Bristol Museum M Shed Case Study
Bristol Museum has a number of sites and with the current squeeze on resources, everyone is focussing on how to get the most out of each facility to provide the best experience at the most cost effective price. Zak Mensah, the Bristol Council Head of Transformation, is driving the change for innovative solutions.
Located in the centre of Bristol in the rejuvenated dock area, the M Shed exhibition gallery is located on the top floor of the building, 3 floors up from the ground floor reception and not naturally easy to stumble across for the average wandering visitor. The project scope was to reduce the overall cost of exhibition to the service and to encourage as many visitors as possible to purchase tickets in advanced, preferably via the web on smartphones. In addition, staff needed to continue to have controlled access to the space based on their credentials.
The challenge for the team at All Right Now was to coordinate across a number of stakeholders and partners. The key stakeholders were:
- Bristol Museum Business Development and Building Services
- M Shed front-of-house staff
- Vennersys, the ticketing software providers
- The staff Access Control suppliers
- Bristol Council IT department
The solution comprised the following key components:
- A Fastlane turnstile from the UK manufacturer IDL including remote operation capability with integrated access control for both customers and staff including disabled (DDA) access
- Online ticketing solution for e-tickets and onsite EPOS (Venpos Online) from Vennersys
In any multi-layered solution it is important that all the components work seamlessly together from the users’ perspective. These solutions involve a number of complex elements working in sync to provide what is a fairly simple objective: electronically controlled access to a given space.
The IDL Fastlane Turnstile was chosen for its industry leading technology, the fact that it is a UK based companyand it looks. Fitting in with the surroundings in terms of both look and feel was important in an Arts space and the corian top could have been custom made to match the flooring. Important also was not drilling into the flooring so the turnstile was placed on a special floor protector. Finally, disabled or DDA access is of course vital and this one turnstile caters for everyone through the one entrance.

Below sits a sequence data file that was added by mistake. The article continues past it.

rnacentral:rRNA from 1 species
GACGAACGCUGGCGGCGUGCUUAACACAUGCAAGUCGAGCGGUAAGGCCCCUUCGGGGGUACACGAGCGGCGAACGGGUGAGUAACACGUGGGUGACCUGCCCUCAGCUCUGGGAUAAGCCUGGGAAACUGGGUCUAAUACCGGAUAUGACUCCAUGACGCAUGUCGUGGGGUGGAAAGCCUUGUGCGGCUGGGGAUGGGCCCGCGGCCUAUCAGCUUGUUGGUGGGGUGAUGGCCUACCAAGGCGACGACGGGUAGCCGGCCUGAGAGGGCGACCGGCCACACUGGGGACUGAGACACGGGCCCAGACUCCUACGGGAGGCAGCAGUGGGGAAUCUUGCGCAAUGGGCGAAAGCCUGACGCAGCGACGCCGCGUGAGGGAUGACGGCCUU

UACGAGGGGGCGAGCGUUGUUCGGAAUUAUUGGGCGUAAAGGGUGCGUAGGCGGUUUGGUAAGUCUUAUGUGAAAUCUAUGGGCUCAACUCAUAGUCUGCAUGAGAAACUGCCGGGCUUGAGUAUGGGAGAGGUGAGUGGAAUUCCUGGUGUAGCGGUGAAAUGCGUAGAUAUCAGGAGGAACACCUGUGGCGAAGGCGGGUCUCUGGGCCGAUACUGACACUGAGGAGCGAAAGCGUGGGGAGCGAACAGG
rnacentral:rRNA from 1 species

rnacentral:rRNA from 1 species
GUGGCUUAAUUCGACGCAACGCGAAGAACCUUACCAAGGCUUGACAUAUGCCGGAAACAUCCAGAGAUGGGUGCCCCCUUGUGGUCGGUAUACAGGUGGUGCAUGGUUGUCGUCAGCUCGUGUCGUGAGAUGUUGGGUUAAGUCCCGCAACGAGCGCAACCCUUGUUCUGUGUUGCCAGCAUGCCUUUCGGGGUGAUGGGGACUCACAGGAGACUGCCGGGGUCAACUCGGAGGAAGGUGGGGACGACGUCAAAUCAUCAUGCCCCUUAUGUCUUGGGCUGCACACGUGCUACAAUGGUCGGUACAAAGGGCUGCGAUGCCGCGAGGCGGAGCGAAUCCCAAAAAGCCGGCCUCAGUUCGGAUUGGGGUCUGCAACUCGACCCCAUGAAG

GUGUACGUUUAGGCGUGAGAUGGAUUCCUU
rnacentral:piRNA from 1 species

Staff have their own access control on the turnstile which also has a next generation barcode scanner designed to read smartphones and modern QR codes. The ticketing provided by Vennersys needed to integrate with the turnstile and provide customers with a seamless experience. We all know from supermarket auto-checkouts how frustrating scanners can be and this proved to be the key step in the process. The parameters for a barcode scanner are many and variedsuch as ambient light, read range, the speed with which the ticket is presented and other variables which working in a live environment present. Unlike most access control environments, the key driver here was that the turnstile is unattended and most users would only use it once which increased the requirement for accuracy substantially.
Working closely with our software partners, Vennersys, the in-house staff, getting feedback from customers and using the in-depth industry experience from the team at All Right Now we worked hard to tweak the solution and get to the point we have now. The most important part of this was the collaborative nature of the discussions. Everyone was just focussed on finding the best solution which is a testament to everyone involved. Simon Kniveton, MD, Vennersys:
It has been a pleasure to work with our partners at All Right Now on this innovative project for Bristol M Shed exhibition gallery. Vennersys has been providing ticketing retail and visitor management software solutions for over 25 years, and collaborated closely with All Right Now to provide the perfect solution. Our product, Venpos online, adopts the look and feel of our customers’ websites to offer a seamless online experience for their customers, and includes ‘print-at-home’ tickets to facilitate fast-track entry at the turnstiles. We are very much looking forward to the next phase of this project, and rolling this out as a tried and tested solution to other similar exhibition venues.
Perhaps the last word should go to Zak Mensah from Bristol Museum:
We’re very pleased with our new installation and i’m especially pleased with how dedicated All Right Now has been to guide us from our first meeting through to customer care post install. All Right Now listened to our challenge and was very supportive in helping us arrive at the right solution. All Right Now didn’t shy away from telling us about the likely challenges and limitations. Between us we worked out the best approach for our museum context and were prepared to further develop the system after launch. Even post launch All Right Now hasn’t left us on our own and has been helping to resolve the small issues we encountered when the system had time to bed and reveal teething issues. The install went smoothly and we’re delighted with the system. We will be using ARN for our next rollout.
Zak Mensah, Head of transformation, Bristol Council. Read Zak’s full article here.
We’re excited about the next phase of the project at the main Bristol Museum and Art Gallery which will be installed in time for the new exhibition which openes October 22nd 2016. Watch this space as they say!